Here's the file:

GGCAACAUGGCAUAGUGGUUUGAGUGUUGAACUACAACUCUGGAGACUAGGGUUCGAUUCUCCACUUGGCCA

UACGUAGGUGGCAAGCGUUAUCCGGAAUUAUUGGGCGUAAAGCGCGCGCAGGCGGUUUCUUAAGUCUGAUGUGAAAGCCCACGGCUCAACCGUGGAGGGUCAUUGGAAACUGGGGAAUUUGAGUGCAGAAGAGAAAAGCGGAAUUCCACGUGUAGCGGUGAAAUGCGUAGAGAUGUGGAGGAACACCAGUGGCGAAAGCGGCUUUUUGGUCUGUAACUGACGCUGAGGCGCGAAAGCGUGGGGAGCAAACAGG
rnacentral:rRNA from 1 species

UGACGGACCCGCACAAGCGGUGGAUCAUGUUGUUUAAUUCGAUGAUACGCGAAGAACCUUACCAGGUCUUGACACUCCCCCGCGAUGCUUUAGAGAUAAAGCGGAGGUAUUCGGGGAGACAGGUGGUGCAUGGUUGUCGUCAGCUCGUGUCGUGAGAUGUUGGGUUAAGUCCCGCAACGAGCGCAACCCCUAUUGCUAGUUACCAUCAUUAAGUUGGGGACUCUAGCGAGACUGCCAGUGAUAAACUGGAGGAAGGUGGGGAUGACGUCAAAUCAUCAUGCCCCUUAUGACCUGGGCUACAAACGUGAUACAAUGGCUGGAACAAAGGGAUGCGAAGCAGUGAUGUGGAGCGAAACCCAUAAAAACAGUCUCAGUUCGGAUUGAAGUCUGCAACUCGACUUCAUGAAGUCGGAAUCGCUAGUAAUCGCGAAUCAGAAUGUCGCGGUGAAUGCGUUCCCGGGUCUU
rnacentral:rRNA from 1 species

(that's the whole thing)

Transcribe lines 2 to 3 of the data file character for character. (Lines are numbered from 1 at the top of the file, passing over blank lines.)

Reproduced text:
UACGUAGGUGGCAAGCGUUAUCCGGAAUUAUUGGGCGUAAAGCGCGCGCAGGCGGUUUCUUAAGUCUGAUGUGAAAGCCCACGGCUCAACCGUGGAGGGUCAUUGGAAACUGGGGAAUUUGAGUGCAGAAGAGAAAAGCGGAAUUCCACGUGUAGCGGUGAAAUGCGUAGAGAUGUGGAGGAACACCAGUGGCGAAAGCGGCUUUUUGGUCUGUAACUGACGCUGAGGCGCGAAAGCGUGGGGAGCAAACAGG
rnacentral:rRNA from 1 species